Re: Word attachment...on linuxtoday


On Wed, 2002-01-16 at 02:28, Michael Meeks wrote:


> On Tue, 2002-01-15 at 20:55, Martin Sevior wrote:
> > On Sun, 13 Jan 2002, Charles Iliya Krempeaux wrote:
> > > What Free Software (and Open Source Software) really needs, IMO, is
> > > a good vector graphics engine.  Time and time again, you hear developers
> > > wanting to use SVG in their GUIs.  (Myself being one of them.)  (Yes, I
> > > know there is "librsvg", but it is not good enough.)
> > 
> > Yes indeed. The AbiWord team plan to builds such a thing after our 1.0
> > milestone.
> 	You might consider using the already working, and in many ways
> excellent, Free software sodipodi engine:
> 	instead of starting from scratch.

Is the sodipodi engine separated out into a library?  (And if so, then
are there any docs about using it... besides the source?)

> > > As far as I know though, no one is developing a good and fast (Free)
> > > vector graphics engine.  The only thing I know about is the SVG
> > > component for Mozilla.  But I don't think this is a general rendering
> > > engine.  I doubt it supports any kind of hardware acceleration or
> > > assembly-language-optimization needed for a real high-performance
> > > system.  (But correct me if I am wrong though.)
> 	Optimization - hardware acceleration eg. must be subservient to feature
> completeness; possibly no-one is doing this hard core optimization
> because they want to have a working and useful application first. As for
> assembly language, algorithmic optimization will get you far more bang
> for your buck than trying to out-guess the compiler in the vast majority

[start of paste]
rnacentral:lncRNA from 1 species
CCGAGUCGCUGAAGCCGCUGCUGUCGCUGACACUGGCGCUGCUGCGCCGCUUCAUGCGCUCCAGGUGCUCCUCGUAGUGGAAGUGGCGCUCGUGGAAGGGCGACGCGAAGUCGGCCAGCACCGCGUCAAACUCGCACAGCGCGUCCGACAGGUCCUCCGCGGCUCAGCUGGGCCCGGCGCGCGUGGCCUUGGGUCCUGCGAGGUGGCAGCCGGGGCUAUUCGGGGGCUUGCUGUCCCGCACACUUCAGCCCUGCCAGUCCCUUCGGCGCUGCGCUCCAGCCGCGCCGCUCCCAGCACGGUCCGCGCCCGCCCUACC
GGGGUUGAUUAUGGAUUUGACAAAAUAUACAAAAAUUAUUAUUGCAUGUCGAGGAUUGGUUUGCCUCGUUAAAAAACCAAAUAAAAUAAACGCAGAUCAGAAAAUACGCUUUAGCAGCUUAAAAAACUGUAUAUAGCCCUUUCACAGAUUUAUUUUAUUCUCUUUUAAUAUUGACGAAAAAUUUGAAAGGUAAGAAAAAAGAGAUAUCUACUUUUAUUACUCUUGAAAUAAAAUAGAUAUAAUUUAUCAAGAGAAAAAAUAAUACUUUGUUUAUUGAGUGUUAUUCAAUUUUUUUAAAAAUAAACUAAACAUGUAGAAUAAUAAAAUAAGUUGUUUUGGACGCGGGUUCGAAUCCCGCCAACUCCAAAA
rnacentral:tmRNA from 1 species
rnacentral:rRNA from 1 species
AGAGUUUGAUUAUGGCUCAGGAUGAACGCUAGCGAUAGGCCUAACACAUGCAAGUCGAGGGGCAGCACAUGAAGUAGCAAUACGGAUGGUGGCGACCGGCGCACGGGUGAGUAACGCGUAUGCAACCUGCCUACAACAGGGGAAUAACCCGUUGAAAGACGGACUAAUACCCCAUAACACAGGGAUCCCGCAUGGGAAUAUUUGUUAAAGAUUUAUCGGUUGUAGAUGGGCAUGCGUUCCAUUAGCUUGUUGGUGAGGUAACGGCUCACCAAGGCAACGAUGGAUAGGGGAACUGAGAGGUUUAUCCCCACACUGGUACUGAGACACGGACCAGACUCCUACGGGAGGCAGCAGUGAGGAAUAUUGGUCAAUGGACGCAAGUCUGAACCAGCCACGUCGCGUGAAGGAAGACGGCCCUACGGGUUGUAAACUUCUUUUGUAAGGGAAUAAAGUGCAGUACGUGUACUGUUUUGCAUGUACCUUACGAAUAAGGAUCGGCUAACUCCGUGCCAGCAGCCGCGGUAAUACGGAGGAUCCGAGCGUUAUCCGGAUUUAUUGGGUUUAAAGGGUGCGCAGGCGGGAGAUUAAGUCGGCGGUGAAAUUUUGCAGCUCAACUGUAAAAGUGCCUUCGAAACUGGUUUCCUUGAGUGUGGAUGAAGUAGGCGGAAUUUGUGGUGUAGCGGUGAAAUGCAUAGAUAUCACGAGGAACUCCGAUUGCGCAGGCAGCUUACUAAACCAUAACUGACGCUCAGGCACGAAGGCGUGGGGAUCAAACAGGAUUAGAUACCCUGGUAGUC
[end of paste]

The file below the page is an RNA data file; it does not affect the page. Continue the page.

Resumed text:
> of circumstances.

That's not always the case though.  You can't just assume your "problem"
is going to become so "large" that Computational-Complexity becomes the
dominant factor.  (For this, when I say "large", I mean that the 
parameters in you various Computational-Complexity equations become
sufficiently big... i.e., they tend towards infinity.)  Alot of times, 
the problem will remain "small" (in terms of the
Computational-Complexity parameters) and things like
assembly-optimization and hardware-acceleration will make a huge

Not to mention that with hardware-acceleration, you can have high
degrees of "parallelism"...  that you can't achieve with any
algorithm implemented on a CPU.

I agree with you that Computational-Complexity is important.  And
designing your algorithm with this in mind is paramount.  But, you
also need to consider when your problem is "small".  And make "special
conditions" in your algorithm to accommodate this.  (Amoung other things
you should accommodate [with optimizations]... like frequently computed
values, "invariants" in the algorithms, etc.)

See ya

     Charles Iliya Krempeaux
     tnt @
     ckrempea @

[Date Prev][Date Next]   [Thread Prev][Thread Next]   [Thread Index] [Date Index] [Author Index]